AN Antrim camogie player will defy medical advice when she lines out in Sunday’s Gala All-Ireland junior final against Waterford.
23-year-old defender Rhona Torney captained the county to Ulster championship and National League successes two years ago but was told by doctors last year to quit because of a rare heart condition called Long QT Syndrome (LQTS).
The St John’s GAC player’s problem is a disorder of the heart’s electrical activity which can sometimes lead to sudden death but after six months spent on the sideline, the Belfast woman opted to return.
“They told me in July (2009) not to do anything” said Torney. “All I was allowed to do was light exercise but not competitive exercise.
“Last year, as the months went on and I wasn’t playing, I had to talk about everything.
“When everyone saw how down I was, they knew it wasn’t me. My family didn’t want me to go back and that was hard because obviously, it’s them I care about. I was not feeling the best about myself. Everything I do involves camogie.”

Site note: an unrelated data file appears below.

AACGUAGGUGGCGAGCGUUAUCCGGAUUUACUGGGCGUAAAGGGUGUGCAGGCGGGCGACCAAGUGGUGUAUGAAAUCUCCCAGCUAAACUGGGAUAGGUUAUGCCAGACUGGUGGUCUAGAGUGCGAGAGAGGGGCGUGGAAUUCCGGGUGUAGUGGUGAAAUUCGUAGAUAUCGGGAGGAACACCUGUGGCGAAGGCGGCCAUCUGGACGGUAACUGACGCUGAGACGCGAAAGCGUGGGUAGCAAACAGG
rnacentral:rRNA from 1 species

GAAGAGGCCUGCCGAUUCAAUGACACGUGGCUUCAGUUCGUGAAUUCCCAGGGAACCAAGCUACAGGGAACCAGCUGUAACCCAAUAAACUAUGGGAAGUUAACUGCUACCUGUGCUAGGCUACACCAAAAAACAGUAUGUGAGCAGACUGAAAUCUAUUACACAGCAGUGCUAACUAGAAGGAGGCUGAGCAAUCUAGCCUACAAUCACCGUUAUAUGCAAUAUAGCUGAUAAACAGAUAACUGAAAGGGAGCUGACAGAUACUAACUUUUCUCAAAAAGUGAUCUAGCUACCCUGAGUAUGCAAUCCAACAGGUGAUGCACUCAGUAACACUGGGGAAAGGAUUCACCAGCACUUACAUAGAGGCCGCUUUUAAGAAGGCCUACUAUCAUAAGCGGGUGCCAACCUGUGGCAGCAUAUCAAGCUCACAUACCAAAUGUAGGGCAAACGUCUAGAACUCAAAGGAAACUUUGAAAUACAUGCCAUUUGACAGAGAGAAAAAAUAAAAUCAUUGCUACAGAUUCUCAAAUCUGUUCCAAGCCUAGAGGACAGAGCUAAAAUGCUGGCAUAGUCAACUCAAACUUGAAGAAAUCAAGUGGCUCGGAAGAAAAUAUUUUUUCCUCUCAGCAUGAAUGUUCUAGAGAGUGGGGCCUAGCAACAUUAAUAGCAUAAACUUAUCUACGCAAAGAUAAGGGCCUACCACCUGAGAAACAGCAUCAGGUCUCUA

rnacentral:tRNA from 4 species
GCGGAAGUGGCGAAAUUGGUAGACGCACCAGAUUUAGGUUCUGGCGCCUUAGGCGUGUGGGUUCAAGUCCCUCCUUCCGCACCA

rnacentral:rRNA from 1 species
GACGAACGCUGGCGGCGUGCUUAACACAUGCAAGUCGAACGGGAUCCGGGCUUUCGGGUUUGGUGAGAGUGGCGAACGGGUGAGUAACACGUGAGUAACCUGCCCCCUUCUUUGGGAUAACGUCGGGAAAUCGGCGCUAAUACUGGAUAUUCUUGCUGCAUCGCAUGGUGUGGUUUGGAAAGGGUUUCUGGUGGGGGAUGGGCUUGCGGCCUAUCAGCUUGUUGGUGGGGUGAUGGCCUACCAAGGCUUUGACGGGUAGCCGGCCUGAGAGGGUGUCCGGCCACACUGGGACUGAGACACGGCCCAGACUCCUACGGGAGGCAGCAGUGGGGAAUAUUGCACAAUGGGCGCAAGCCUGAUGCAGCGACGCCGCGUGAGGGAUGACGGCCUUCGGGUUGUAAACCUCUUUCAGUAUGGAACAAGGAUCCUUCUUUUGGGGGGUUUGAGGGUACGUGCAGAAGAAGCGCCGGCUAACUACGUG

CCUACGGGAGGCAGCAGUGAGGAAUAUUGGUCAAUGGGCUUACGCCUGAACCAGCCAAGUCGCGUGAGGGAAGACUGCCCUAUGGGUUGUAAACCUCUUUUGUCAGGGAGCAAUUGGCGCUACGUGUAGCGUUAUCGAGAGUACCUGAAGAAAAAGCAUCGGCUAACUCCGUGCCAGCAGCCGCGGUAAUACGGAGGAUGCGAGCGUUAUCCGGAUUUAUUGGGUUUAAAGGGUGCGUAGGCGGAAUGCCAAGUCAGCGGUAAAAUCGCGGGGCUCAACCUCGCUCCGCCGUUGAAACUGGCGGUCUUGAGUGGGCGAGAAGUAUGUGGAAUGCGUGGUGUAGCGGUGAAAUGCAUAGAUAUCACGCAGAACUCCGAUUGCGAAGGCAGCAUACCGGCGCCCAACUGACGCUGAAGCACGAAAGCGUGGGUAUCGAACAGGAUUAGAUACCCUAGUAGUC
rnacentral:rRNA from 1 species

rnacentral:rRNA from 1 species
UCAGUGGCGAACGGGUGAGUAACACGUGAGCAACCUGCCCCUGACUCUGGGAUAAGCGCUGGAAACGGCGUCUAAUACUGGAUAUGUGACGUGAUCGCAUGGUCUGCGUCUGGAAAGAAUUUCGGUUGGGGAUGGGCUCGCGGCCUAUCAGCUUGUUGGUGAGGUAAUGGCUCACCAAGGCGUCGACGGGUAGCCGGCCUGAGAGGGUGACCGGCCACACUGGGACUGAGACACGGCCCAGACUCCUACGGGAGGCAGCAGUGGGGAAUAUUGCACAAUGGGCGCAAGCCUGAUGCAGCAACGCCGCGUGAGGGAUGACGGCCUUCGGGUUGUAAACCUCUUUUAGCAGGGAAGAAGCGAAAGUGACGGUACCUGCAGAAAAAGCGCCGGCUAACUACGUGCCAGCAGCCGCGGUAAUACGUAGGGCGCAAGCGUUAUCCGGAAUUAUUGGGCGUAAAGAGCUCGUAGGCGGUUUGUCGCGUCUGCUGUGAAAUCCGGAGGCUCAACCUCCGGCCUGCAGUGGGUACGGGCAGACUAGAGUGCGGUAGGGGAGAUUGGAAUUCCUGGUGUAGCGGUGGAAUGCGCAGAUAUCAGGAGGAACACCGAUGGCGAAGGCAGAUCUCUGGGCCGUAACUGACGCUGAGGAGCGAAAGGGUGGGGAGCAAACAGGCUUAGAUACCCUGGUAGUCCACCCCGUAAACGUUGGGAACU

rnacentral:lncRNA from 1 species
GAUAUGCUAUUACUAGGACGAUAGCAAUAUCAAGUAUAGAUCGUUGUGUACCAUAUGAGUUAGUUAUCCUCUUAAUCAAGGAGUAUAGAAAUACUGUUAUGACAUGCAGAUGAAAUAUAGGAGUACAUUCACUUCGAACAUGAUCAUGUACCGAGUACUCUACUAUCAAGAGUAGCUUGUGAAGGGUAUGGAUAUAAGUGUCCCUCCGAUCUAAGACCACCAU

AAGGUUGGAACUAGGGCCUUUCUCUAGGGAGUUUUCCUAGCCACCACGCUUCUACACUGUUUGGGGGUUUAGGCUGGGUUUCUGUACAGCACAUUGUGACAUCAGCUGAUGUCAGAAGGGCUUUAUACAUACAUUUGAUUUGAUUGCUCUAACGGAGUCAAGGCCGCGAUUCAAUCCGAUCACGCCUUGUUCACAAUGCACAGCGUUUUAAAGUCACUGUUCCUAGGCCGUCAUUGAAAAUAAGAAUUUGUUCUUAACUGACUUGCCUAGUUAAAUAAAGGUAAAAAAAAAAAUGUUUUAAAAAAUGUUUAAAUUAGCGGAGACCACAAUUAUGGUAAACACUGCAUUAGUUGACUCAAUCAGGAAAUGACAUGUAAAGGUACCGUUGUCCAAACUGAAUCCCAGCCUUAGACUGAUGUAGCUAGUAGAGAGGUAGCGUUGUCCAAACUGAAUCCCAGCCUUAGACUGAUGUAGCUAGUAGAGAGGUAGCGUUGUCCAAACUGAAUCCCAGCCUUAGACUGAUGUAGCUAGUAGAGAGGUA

An operation to place a battery-operated mechanism into her heart would help her condition according to her doctors but they would still not have allowed her to play. After discussions with her family, she returned to training four months ago and is preparing for the biggest game of her life.
“I asked the doctors straight, what was the risk. They said they couldn’t say because they hadn’t done enough research. But you only get one chance and I might as well do something I enjoy instead of living and having regrets.”
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